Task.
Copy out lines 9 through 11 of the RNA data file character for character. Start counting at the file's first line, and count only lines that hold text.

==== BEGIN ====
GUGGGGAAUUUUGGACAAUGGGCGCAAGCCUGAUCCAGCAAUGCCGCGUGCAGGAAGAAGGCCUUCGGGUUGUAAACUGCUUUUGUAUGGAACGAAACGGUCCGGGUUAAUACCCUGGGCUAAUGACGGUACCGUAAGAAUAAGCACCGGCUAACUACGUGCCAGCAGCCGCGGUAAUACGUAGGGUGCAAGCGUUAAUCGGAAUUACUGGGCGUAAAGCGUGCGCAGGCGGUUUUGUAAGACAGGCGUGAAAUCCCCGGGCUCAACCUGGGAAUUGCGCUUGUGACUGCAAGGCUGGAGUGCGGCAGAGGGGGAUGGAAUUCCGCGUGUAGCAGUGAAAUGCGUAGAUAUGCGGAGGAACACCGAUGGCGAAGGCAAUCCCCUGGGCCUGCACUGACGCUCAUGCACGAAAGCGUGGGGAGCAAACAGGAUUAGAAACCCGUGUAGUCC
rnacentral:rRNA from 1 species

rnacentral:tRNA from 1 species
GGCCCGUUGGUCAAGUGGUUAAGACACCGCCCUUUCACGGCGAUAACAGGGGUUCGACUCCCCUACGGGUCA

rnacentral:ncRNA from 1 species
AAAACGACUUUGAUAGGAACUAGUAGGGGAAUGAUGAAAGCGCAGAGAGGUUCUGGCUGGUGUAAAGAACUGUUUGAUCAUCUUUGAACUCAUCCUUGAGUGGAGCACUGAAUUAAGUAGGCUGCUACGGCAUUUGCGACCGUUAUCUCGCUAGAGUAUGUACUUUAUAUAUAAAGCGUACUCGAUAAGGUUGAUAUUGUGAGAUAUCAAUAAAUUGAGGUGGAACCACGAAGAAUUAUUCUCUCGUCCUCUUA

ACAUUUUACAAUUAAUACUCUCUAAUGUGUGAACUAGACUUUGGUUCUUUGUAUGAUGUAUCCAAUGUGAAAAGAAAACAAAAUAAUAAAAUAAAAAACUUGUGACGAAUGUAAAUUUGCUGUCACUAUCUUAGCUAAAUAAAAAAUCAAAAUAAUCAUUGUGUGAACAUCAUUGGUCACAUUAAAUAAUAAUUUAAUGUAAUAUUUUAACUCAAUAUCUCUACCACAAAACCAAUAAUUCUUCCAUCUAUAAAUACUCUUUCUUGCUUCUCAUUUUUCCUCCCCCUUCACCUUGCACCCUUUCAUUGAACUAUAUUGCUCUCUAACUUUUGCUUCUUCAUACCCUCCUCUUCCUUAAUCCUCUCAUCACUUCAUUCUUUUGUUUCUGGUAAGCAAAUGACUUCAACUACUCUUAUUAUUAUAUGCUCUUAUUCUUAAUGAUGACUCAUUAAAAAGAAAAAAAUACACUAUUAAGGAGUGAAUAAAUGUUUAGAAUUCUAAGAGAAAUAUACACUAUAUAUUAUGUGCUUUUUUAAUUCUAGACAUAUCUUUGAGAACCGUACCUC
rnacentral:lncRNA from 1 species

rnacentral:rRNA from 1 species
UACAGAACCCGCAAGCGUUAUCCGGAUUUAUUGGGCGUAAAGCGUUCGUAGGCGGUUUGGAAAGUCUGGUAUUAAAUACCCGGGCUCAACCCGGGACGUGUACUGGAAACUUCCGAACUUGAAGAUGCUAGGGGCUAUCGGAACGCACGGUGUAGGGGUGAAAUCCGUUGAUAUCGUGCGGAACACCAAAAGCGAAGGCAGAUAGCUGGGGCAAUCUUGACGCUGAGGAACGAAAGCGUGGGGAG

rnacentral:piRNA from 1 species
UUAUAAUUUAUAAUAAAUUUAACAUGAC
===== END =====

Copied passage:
rnacentral:rRNA from 1 species
UACAGAACCCGCAAGCGUUAUCCGGAUUUAUUGGGCGUAAAGCGUUCGUAGGCGGUUUGGAAAGUCUGGUAUUAAAUACCCGGGCUCAACCCGGGACGUGUACUGGAAACUUCCGAACUUGAAGAUGCUAGGGGCUAUCGGAACGCACGGUGUAGGGGUGAAAUCCGUUGAUAUCGUGCGGAACACCAAAAGCGAAGGCAGAUAGCUGGGGCAAUCUUGACGCUGAGGAACGAAAGCGUGGGGAG

rnacentral:piRNA from 1 species